Interstate Child Support & Visitation
by Glen from Bay County, Florida
I am the father of twins that now reside in South Carolina. My residence is Bay County, Florida, the mothers residence during time of conception was Bay County, Florida.
We have already together conducted an official DNA test of both children and myself to confirm I am the biological father.
I have asked to see my children and the mother has denied me that right.
I have asked to take this to a court and the mother will not do that due to expenses.
I have went to the Bay County Juvenile Court House, Family and Child custody Dept, I have the paid for the appropriate documents, now I need to know if this case can be settled in the State of Florida if no other State has accepted jurisdiction?
Answer to Florida Child Visitation Question
You may well have to point this out and explain it to the court, but if the original court order for child support is Florida -- then Florida retains jurisdiction for modification and enforcement unless and until that order is transferred to another state's jurisdiction.
Interstate child support enforcement falls under the long arm statute known as Uniform Interstate Family Support Act (UIFSA).
Florida retains continuing exclusive jurisdiction (CEJ) because you continue to live in Florida.
If you moved to a different state and no parties lived in Florida any longer, then the state that would have to accept jurisdiction is the state where the child resides -- in your situation, South Carolina.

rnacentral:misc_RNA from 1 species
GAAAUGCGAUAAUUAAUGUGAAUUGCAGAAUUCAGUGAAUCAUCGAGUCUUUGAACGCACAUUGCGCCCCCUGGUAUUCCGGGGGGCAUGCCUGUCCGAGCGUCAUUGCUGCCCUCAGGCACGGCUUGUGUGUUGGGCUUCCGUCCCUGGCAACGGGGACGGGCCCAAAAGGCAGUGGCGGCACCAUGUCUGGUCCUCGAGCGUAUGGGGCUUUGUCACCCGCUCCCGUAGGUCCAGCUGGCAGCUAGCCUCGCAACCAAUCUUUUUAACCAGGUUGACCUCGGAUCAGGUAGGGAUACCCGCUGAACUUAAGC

Regarding child visitation across state lines, the governing law is Uniform Child Custody and Jurisdiction Act (UCCJEA). Florida addresses enforcement of child custody orders from states in Florida Statutes Chapter 61 as follows:
61.526 Duty to enforce.--
(1) A court of this state shall recognize and enforce a child custody determination of a court of another state if the latter court exercised jurisdiction in substantial conformity with this part or the determination was made under factual circumstances meeting the jurisdictional standards of this part and the determination has not been modified in accordance with this part.
(2) A court of this state may use any remedy available under other laws of this state to enforce a child custody determination made by a court of another state.
The remedies provided by ss. 61.524-61.540 are cumulative and do not affect the availability of other remedies to enforce a child custody determination.
South Carolina has similar state laws that were enacted to enforce child custody and visitation orders which originated in a different state.Notice:
We provide these answers
to the general public and our website visitors as a means to further their online legal research. These answers are merely suggestions and should not be regarded as legal advice.
If you need legal advice, we recommend LagalMatch's free Lawyer Referral Service. Many lawyers offer free initial consultations. Get the legal advice you deserve.Free Family Lawyer Referral
You Are Here → Home › Visitation FAQs › Interstate Child Support & Visitation